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Batman: Arkham Asylum (PlayStation 3) artwork

Batman: Arkham Asylum (PlayStation 3) review


"t's safe to say that Arkham Asylum is carried by the Joker. He isn't just your main adversary — his presence is EVERYWHERE. Due to all the monitors and stuff that's part of Arkham's security system, you'll see his face and listen to his taunts everywhere you visit. If he's not verbally ripping common thugs a new one for their inability to take you out, he'll be cackling over the next deathtrap that's been placed between you and him."



Arkham Asylum is one of those places that could only exist in a fantasy world. I mean, if you have a slew of deranged geniuses with the cunning and resourcefulness to break out of any jail at any time, why would you try to collect them all in one place? Predictably, inmates escape on a regular basis to go on crime sprees which leads to Arkham looking more like a place these guys visit when they need a vacation from murder and robbery than an actual institution. One could say that the only person who truly benefits from this nuthouse is Batman. Since he has a obsessive desire to bring criminals to justice, the fact that guys like the Joker, Riddler, Scarecrow, etc. break out whenever they feel like it keeps the Dark Knight busy and gives him a reason to exist.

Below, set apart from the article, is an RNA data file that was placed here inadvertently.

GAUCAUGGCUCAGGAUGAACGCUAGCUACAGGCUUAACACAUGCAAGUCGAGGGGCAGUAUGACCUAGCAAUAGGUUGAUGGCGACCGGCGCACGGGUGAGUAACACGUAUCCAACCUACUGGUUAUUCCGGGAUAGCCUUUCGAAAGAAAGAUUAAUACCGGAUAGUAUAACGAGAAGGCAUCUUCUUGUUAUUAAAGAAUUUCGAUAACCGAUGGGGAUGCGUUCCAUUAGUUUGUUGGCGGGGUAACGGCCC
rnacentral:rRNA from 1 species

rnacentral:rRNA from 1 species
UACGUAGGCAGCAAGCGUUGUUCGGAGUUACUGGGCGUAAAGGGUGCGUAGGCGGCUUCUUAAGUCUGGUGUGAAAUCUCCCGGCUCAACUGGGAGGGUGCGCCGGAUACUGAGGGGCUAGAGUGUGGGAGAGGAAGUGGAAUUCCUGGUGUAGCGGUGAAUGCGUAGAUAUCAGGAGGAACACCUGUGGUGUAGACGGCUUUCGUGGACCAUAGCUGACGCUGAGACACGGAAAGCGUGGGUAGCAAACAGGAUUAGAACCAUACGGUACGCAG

Or, in the case of Batman: Arkham Asylum, the baddies just take over the place. After returning the Joker for probably the thousandth time, Batman can do little more than watch his archenemy effortlessly escape captivity and instigate a full-scale revolt. All the Caped Crusader can do is take Arkham back piece by piece, as the cliche "the inmates are running the asylum" has become a reality.

It's safe to say that Arkham Asylum is carried by the Joker. He isn't just your main adversary -- his presence is EVERYWHERE. Due to all the monitors and stuff that's part of Arkham's security system, you'll see his face and listen to his taunts everywhere you visit. If he's not verbally ripping common thugs a new one for their inability to take you out, he'll be cackling over the next deathtrap that's been placed between you and him. Either way, everything going on in this game revolves around the Joker, which creates a sort of joyous insanity permeating Arkham Asylum. As Honestgamers' resident lunatic, I appreciated this.